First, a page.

The flip side of Tyler Glasnow, Berrios gets knocked for the usual short-pitcher reasons. It starts with phrases like “fastball lacks downward plane” and usually ends with “may be best suited to relief.” A lot of scouting is about comps, and there aren't many short, slim, right-handed starters in baseball. Berrios might bust the quota with three potential plus pitches, including a devastating changeup. There is a track record of durability here too, at least by pitching-prospect standards. Berrios tossed 166 innings in the upper minors this year, four fewer than Dylan Bundy has thrown in his entire professional career. That sure looks like a starting-pitcher profile, even if he doesn't look like most starting pitchers.
Judge should make his debut in the Bronx sometime in 2016, but it feels like a man of his proportions and potential needs a nickname. For opposing pitchers he might very well be “Judge Dredd,” or when he fires one back up the box, “Judge Holden.” Or maybe his 6-foot-7 frame holds “the long arms of the law.” (When they get extended the 70-grade raw power definitely plays.) All right, these aren't as good as “Death to Flying Things” (although Judge should be a good defensive right fielder), so maybe we'll just let his bat do the talking when he gets to East 161st Street.
“Raw” isn't the first adjective that usually comes to mind when discussing a prospect who hit over .300 in Double-A, but Anderson is unusual. A basketball state champion in high school, he didn't play baseball until his junior year, and spent two years in junior college before being drafted. He still gets by even as he’s catching up, in part due to his loud athletic tools. His stats grow harder to hand wave as his competition improves, even though his approach is still quite unrefined. Anderson may require a longer adjustment period against major-league pitching than other prospect bats in this range, and questions about his long-term position remain, but given how rapidly his skills have matured in pro ball, this might be the last time “raw” shows up in his scouting reports.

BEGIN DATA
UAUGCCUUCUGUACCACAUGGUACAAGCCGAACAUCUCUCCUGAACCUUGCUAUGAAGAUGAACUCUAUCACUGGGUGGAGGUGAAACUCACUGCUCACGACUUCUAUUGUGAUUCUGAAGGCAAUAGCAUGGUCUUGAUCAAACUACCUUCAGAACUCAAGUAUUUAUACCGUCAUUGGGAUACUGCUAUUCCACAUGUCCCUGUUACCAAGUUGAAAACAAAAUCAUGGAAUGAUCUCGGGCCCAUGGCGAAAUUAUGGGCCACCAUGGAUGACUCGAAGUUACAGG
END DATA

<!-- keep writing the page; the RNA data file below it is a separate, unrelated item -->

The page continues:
Rodgers was the third straight shortstop taken to start the 2015 draft, but he may end up the best of the troika. He won't get to the majors as quickly as Dansby Swanson or Alex Bregman, the two SEC players picked ahead of him, but with a potential plus hit/plus power offensive profile and a glove that will keep him on the left side of the diamond, Rodgers may be worth the extra wait. Fortunately, time is one thing the Rockies have had plenty of lately.